Introducing you to ‘R’
Find out about the benefits that ‘R’ data analysis could bring to your business.
What is R?
As a general guide, ‘R’ is a community of computer scientists that perform data and statistical analysis with open-source software, using a programming language, named R. To the untrained eye, this can all seem incomprehensible, but luckily you can hire someone do all this analysis for you if you prefer! That means you can reap all the benefits without having to learn it!
How R was founded
In 1993, at the University of Auckland, Ross Ihaka and Robert Gentleman created the R community. Since its founding, it has grown all across the world, benefiting from the contributions of more than 20 renowned computer scientists and statisticians. Today, there are well over two million R users, with an extraordinary wealth of resources for users of all levels of ability, from beginners to experts.
Most of the latest tools for statistical analyses are available in the R language, which makes it easier for statisticians and data scientists to conduct research in almost every data manipulation available.
Benefits of ‘R’ data analysis:
R is widely used by analysts, data scientists and other industry experts who need to be able to interpret data insights and turn it into useful information. It is relatively inexpensive to train R developers, and because you can run an R Server on a physical device as well as cloudware, you can use it more flexibly. The server is designed to handle enormous amounts of data and design clever new web apps, such as Shiny by RStudio. And that means you can learn more about your business and how to leverage your data into valuable research.
R can be downloaded free of charge, and the source code can be easily modified and inspected. That means anyone who is eager to learn about how R works – from the algorithms to methodology – can discover how it really works. There are 1000s of packages, which can handle specialised tasks, available for you to download. You can find complete data analysis represented by only a few lines of code. These can be easily understood by statisticians, because R is designed by statisticians, after all.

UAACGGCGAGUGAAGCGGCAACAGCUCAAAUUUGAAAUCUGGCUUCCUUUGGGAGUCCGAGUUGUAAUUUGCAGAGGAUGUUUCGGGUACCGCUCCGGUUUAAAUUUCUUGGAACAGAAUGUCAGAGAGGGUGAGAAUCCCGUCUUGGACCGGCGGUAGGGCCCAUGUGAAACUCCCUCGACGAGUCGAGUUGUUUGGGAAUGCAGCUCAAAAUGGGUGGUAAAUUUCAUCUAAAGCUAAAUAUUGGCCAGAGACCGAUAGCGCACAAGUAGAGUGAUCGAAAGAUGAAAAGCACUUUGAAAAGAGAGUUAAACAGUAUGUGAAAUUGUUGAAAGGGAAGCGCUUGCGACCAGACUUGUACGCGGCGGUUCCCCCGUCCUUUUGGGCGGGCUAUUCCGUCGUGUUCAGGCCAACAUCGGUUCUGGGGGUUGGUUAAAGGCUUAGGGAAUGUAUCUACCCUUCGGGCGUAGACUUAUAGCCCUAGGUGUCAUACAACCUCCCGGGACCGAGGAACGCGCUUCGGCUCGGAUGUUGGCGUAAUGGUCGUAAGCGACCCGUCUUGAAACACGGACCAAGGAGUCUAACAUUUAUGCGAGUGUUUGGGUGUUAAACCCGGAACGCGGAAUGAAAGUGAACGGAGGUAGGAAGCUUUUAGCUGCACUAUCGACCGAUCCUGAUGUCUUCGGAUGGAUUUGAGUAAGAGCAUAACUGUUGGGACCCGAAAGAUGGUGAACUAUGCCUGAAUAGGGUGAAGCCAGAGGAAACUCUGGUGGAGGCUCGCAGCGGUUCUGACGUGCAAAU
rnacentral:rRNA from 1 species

Widely used in social media
According to Computerworld, some people working for Facebook already use R to analyse user behaviour, and Google employs hundreds of R users to improve the efficacy of digital advertising. LinkedIn, too, even has its own R group with thousands of members, and you can find dozens of Meetup groups that offer beginners, intermediates and experts the opportunity to discuss R data analysis and statistics. Therefore, learning about R could be a great opportunity to network and build contacts.
Additionally, cutting edge researchers in the pharmaceutical and health care sector are using R, which makes it a brilliant academic tool.
How to start doing R – a few simple shortcuts
If you’re keen to learn R, it’s not as difficult as it might first appear. According to the chief scientist of RStudio, Wickham, there are three shortcuts you can use that will help you navigate the language:
- use the Tab to find suggested files or functions so you can click on the one you want to use
- use Control + Enter to send the current line of code to a console and execute it
- or use Control + the up arrow to find a list of all the command history.
For more information about how to learn R, it’s a good idea to schedule an afternoon to watch some tutorials. Alternatively, meet R professionals on LinkedIn or at your nearest Meetup group, or book an appointment with a software development company who specialises in R.
Karen Harding is the marketing manager at Objective IT, one of the South East’s leading web and software development companies. The Objective IT team has recently expanded to include a data scientist who is proficient in the development and implementation of R.
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